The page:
Yamiche Alcindor on her Journalism Career

The following are remarks from Yamiche Alcindor during the 8th Annual Washington Women in Journalism Awards event:

“Thank you so much Catherine for that amazing introduction. I got emotional and I thought maybe because we weren’t in person that I wouldn’t be so moved, but I’m almost near tears because it is surreal to me that I’m part of this event with the Norah O’Donnell; with the Susan Glasser; with the Karen Attitah, who was the editor for Jamal Khashoggi, who showed so much courage. I admire you women so much.

I would not be a journalist if it wasn’t for all the pioneering things that so many women before me did, including you, Nora, watching you every night helming the chair of CBS News; being an amazing anchor.

It is truly an honor to be doing this work. This last year was just so tough. There was so much that we had to go through. There were so many people who were so scared and to be honored among so many women who were doing the work of journalism. We were pressing Presidents for answers. We were out in the far corners of the country, interviewing people — interviewing immigrants about their lives and the people who couldn’t stay home. There were so many moments where I sat back and thought I am so proud to be a journalist in this moment; watching women like Norah, Susan and Karen, but also Abby Phillip, Margaret Talev, Ashley Parker, and so many women that have been honored by Washingtonian and Story Partners.

…I would not be where I am without having grown up with a woman. My mom, a Haitian immigrant who came to this country in the 70s without speaking English, who then went on to earn a Ph.D. and spent three decades as a social worker — taking me to take your child to work day, where she was asking tough questions and trying to help people’s lives. She showed me what it meant to raise children on your own while also going into tough neighborhoods, but also treating people with empathy and treating people with dignity. It is that that has grounded my reporting. It’s trying to have a human connection with people and trying to make people empathize with other people who they may not naturally connect with.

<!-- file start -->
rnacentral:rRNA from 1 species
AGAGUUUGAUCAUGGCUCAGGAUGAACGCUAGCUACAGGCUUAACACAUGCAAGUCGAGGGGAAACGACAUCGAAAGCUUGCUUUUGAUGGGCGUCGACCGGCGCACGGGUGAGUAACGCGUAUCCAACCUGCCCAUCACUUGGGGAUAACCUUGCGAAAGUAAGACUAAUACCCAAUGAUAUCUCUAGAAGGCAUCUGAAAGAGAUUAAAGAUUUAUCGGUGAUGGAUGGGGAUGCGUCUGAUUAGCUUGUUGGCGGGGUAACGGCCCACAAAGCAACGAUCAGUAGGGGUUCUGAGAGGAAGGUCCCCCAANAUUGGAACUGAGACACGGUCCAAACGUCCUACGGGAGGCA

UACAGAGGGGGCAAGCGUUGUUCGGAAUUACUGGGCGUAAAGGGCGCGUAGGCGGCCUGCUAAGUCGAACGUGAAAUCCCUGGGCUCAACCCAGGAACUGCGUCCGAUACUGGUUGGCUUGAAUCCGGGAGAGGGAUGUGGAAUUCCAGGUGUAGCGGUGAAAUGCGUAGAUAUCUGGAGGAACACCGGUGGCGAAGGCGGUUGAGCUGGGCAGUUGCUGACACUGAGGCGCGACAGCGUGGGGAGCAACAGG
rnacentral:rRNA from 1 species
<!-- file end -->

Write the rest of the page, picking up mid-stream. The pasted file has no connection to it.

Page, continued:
I’m thinking about Gwen Ifill who Gloria talked about so eloquently about the advice that she gave me and about how lucky I was to have the mentorship of Gwen and her friend Athelia Knight, who worked as a long time Washington Post reporter.

I remember meeting Gwen and trying to give her my nickname “Miche” to try to put her at ease because my name Yamiche is always such a mouthful and she told me, “Don’t let anyone nickname you. Be comfortable in your own skin.” That has stuck with me so much as I’ve gone from print to broadcast news, and an understanding that whatever people say about you: saying that you’re not confident enough or not pretty enough, or not skinny enough — that all those things don’t matter if you know yourself and you’re comfortable with yourself and you lean into yourself. That was great advice that Gwen gave me that I’m leaning into as I now take the helm of a show that she loves so much, Washington Week.

…Gwen breathed confidence into me so many times when I would call her rattled about whether or not I could actually be on Meet the Press and sit at a table with so many amazing people who my mom had grown up watching and she told me every time, “You earned this. You deserve this. Lean into this. You belong.”… I’ve been lucky to have women who have told me you belong and it’s OK to be ambitious. So many times the word ambition is thrown as an insult to women. But I know in looking at Norah and looking at Susan and looking at Karen, what are you but ambitious? What are you but fair and smart and brilliant? And also, people that are achieving all that you want to achieve. To be named and to be awarded this with you is so touching to me.

As I think about where I’m going now with Washington Week and wanting to expand it and thinking about sitting at an anchor desk and being nervous a lot, I know that because all of you women are doing the work that you’re doing, that I can do the work that I’m doing.

I’m so grateful to be given this Outstanding Journalism Award in Broadcast News. It is blowing my mind as someone who grew up writing short stories, who thought I would be a newspaper person forever that I was able to make the switch to broadcast news and to be able to now be an anchor, which I think is just a surreal experience. So, I just want to say thank you so much. I feel so blessed to be a part of this group and to be awarded this. Thank you.”

Yamiche Alcindor, Anchor & Moderator of the Washington Week on PBS, and White House Correspondent for the NewsHour, is the recipient of the 2021 Washington Women in Journalism Awards’ as Outstanding Journalist in Broadcast Television.